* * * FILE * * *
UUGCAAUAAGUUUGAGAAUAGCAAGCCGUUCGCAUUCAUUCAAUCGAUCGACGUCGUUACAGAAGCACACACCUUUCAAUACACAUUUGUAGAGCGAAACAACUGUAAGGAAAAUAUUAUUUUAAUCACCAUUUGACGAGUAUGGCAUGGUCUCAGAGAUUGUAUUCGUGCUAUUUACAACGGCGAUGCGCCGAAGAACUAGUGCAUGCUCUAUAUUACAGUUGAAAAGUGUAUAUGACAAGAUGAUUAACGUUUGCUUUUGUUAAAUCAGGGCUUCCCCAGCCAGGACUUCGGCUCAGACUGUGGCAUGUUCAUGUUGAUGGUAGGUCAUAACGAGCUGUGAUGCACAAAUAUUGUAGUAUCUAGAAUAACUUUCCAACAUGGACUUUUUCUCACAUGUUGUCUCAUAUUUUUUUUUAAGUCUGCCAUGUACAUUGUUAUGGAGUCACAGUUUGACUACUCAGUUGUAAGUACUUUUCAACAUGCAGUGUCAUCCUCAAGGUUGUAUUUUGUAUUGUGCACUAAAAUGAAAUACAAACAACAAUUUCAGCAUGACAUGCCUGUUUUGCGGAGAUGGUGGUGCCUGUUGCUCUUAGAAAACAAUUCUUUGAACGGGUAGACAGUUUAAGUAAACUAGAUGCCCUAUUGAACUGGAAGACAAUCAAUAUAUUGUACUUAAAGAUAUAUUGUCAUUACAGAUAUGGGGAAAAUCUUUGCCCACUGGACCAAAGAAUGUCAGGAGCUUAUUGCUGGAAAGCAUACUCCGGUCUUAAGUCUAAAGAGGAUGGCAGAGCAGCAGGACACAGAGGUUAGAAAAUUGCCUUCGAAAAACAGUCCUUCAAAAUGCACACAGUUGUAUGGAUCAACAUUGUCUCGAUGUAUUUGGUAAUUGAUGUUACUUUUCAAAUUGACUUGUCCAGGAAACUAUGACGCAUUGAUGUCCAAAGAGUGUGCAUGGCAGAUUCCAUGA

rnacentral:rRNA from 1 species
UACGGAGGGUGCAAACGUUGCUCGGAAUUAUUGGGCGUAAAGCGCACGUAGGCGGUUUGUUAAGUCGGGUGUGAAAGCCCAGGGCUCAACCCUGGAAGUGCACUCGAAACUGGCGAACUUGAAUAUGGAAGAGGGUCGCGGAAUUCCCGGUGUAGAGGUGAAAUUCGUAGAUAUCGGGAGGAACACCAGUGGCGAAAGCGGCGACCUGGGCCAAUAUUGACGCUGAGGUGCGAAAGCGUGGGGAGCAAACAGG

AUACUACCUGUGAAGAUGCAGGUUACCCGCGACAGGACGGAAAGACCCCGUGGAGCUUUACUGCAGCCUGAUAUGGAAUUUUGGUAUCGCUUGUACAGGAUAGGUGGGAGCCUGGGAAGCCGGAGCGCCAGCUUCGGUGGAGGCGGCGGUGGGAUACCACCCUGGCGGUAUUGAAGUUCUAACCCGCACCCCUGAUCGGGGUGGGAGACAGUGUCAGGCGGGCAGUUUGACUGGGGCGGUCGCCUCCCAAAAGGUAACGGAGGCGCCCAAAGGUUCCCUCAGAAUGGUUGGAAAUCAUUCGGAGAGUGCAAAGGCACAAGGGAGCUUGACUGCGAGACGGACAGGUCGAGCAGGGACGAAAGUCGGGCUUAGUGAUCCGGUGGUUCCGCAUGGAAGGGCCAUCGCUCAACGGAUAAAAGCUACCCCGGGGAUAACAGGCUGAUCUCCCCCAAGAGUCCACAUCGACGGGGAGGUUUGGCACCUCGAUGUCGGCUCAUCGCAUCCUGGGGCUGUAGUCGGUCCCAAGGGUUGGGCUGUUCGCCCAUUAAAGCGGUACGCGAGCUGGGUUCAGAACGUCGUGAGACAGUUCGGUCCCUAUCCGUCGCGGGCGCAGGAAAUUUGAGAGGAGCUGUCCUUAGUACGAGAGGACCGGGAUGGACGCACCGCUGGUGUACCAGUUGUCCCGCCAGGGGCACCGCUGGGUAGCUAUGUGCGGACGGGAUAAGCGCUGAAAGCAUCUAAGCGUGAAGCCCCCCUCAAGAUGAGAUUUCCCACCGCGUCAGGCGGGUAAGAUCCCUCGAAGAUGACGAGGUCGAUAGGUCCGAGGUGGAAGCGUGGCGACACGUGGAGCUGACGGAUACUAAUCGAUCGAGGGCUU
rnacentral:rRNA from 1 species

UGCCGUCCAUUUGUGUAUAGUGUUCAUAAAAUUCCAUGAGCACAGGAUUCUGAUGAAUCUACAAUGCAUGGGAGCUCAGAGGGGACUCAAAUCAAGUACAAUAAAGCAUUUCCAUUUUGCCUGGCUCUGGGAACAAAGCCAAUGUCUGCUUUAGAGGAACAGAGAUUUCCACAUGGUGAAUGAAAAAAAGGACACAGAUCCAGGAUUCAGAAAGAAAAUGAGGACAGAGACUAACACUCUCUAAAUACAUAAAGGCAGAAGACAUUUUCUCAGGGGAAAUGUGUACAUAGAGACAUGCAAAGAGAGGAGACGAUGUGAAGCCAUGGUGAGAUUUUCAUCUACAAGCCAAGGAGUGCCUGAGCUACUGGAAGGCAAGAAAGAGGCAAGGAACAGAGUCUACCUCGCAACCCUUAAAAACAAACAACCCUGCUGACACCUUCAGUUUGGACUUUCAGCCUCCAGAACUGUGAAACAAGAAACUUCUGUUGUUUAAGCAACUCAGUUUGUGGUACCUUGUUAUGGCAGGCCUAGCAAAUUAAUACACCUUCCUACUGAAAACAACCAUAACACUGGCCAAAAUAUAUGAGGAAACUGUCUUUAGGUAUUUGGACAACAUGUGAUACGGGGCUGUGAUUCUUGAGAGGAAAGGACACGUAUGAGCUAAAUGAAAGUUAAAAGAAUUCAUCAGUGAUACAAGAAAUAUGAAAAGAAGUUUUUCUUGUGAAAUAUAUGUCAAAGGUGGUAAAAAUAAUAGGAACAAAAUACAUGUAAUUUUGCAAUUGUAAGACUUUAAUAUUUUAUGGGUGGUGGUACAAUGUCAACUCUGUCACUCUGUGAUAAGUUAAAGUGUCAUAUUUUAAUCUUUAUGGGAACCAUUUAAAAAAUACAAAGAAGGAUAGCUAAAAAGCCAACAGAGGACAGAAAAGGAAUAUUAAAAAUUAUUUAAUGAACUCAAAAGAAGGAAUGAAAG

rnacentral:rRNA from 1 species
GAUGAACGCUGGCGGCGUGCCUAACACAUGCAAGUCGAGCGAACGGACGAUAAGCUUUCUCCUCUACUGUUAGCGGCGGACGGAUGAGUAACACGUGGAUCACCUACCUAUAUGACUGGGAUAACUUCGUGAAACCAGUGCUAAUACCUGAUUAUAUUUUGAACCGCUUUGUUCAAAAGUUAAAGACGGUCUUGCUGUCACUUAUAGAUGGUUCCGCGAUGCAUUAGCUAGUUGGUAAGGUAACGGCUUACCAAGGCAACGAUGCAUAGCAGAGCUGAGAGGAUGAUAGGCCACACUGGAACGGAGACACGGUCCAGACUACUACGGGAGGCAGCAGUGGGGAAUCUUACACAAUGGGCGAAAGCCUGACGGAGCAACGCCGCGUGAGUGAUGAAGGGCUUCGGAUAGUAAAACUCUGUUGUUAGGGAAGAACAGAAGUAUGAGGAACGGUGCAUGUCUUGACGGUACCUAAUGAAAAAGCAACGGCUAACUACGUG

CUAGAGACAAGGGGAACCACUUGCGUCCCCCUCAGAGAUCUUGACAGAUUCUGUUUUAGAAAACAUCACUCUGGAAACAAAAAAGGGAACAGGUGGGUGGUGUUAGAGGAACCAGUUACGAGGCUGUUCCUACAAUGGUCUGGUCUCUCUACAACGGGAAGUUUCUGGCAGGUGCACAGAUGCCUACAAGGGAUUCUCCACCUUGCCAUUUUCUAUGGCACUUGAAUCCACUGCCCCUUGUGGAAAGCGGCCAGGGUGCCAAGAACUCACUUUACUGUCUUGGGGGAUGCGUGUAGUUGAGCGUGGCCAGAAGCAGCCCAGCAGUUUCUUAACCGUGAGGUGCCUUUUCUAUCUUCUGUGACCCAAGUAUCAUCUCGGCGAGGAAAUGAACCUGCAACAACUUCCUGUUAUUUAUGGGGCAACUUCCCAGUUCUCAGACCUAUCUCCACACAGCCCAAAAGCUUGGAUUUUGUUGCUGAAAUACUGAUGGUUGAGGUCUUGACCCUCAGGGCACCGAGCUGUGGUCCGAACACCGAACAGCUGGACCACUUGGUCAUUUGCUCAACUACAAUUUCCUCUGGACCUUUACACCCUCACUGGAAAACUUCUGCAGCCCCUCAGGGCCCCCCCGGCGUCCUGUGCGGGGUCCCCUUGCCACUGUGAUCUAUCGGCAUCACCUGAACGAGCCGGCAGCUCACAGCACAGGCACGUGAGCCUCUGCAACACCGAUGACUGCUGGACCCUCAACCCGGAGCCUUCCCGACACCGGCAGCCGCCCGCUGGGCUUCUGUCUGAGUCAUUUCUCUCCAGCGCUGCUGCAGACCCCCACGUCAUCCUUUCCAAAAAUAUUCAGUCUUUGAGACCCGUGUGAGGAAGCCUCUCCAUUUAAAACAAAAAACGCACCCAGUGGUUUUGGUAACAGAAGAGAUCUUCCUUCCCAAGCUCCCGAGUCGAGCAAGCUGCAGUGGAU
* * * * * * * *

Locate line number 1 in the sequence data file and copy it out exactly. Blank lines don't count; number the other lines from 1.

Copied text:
UUGCAAUAAGUUUGAGAAUAGCAAGCCGUUCGCAUUCAUUCAAUCGAUCGACGUCGUUACAGAAGCACACACCUUUCAAUACACAUUUGUAGAGCGAAACAACUGUAAGGAAAAUAUUAUUUUAAUCACCAUUUGACGAGUAUGGCAUGGUCUCAGAGAUUGUAUUCGUGCUAUUUACAACGGCGAUGCGCCGAAGAACUAGUGCAUGCUCUAUAUUACAGUUGAAAAGUGUAUAUGACAAGAUGAUUAACGUUUGCUUUUGUUAAAUCAGGGCUUCCCCAGCCAGGACUUCGGCUCAGACUGUGGCAUGUUCAUGUUGAUGGUAGGUCAUAACGAGCUGUGAUGCACAAAUAUUGUAGUAUCUAGAAUAACUUUCCAACAUGGACUUUUUCUCACAUGUUGUCUCAUAUUUUUUUUUAAGUCUGCCAUGUACAUUGUUAUGGAGUCACAGUUUGACUACUCAGUUGUAAGUACUUUUCAACAUGCAGUGUCAUCCUCAAGGUUGUAUUUUGUAUUGUGCACUAAAAUGAAAUACAAACAACAAUUUCAGCAUGACAUGCCUGUUUUGCGGAGAUGGUGGUGCCUGUUGCUCUUAGAAAACAAUUCUUUGAACGGGUAGACAGUUUAAGUAAACUAGAUGCCCUAUUGAACUGGAAGACAAUCAAUAUAUUGUACUUAAAGAUAUAUUGUCAUUACAGAUAUGGGGAAAAUCUUUGCCCACUGGACCAAAGAAUGUCAGGAGCUUAUUGCUGGAAAGCAUACUCCGGUCUUAAGUCUAAAGAGGAUGGCAGAGCAGCAGGACACAGAGGUUAGAAAAUUGCCUUCGAAAAACAGUCCUUCAAAAUGCACACAGUUGUAUGGAUCAACAUUGUCUCGAUGUAUUUGGUAAUUGAUGUUACUUUUCAAAUUGACUUGUCCAGGAAACUAUGACGCAUUGAUGUCCAAAGAGUGUGCAUGGCAGAUUCCAUGA